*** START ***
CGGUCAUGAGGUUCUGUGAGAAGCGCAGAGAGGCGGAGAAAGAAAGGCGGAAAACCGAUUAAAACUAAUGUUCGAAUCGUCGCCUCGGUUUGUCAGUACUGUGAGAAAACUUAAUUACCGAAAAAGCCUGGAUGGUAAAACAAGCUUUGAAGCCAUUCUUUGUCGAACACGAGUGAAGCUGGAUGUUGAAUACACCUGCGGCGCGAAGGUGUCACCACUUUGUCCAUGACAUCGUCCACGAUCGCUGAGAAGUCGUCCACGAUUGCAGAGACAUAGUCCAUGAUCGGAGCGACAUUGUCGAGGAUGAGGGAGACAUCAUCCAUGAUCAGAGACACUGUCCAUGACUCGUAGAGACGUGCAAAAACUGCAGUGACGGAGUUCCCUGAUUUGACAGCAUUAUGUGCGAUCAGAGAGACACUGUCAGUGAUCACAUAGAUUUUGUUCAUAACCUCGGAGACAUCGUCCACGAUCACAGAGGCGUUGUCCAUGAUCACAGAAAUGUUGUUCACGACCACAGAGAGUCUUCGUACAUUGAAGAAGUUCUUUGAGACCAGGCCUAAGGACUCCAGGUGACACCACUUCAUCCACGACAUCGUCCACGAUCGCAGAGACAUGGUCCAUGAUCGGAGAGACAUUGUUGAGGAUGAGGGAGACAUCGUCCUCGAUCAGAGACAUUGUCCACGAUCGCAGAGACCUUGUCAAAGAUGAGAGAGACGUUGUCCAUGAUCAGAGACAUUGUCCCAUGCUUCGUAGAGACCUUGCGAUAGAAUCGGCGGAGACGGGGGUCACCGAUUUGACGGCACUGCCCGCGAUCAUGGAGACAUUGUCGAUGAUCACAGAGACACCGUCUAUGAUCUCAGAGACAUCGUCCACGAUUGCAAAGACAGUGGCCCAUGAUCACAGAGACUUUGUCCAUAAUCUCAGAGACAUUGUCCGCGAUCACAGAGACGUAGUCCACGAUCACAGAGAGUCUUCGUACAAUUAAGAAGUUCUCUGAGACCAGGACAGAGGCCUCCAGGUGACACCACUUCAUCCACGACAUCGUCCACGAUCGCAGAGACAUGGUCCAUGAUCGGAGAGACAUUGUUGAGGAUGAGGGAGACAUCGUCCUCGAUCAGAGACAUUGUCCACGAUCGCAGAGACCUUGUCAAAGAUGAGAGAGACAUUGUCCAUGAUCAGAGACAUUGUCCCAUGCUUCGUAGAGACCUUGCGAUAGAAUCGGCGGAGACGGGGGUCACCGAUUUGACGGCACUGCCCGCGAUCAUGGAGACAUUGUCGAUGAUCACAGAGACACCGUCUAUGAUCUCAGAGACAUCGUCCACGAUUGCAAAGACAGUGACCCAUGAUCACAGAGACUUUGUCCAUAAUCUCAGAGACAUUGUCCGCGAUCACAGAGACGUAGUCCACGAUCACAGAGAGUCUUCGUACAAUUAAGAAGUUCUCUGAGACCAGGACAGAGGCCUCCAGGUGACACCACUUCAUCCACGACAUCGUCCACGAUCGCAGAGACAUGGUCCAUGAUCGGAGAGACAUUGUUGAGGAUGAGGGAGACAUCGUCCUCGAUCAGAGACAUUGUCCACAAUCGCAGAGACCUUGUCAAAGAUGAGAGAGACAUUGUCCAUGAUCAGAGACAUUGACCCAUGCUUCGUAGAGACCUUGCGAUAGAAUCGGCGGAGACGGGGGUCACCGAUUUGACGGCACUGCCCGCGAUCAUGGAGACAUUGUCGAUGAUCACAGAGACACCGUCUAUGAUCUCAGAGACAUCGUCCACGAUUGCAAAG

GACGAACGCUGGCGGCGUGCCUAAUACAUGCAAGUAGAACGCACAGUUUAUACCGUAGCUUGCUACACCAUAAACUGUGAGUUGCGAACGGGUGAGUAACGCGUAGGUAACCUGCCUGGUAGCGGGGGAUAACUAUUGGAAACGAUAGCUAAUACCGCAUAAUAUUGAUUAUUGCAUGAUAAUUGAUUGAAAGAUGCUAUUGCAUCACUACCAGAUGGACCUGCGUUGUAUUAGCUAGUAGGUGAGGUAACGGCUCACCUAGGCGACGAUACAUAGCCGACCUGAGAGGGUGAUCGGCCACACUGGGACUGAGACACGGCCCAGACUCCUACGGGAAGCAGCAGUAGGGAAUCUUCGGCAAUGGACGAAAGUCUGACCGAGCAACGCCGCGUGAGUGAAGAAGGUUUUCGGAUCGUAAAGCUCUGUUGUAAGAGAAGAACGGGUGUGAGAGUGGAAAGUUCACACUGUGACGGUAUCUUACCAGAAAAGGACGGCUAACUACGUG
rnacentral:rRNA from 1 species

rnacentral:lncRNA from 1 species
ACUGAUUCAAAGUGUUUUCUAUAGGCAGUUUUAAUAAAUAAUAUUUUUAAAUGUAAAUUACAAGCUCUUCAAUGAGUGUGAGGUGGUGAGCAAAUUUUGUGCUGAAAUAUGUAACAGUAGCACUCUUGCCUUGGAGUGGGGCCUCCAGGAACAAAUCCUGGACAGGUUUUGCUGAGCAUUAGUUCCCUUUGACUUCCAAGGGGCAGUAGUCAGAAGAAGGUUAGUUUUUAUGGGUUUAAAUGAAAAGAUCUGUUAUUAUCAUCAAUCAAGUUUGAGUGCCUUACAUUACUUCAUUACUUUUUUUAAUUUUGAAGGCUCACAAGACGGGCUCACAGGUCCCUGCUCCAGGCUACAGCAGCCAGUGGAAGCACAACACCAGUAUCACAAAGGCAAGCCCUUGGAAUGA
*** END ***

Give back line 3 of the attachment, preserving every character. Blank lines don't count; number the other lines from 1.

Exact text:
rnacentral:rRNA from 1 species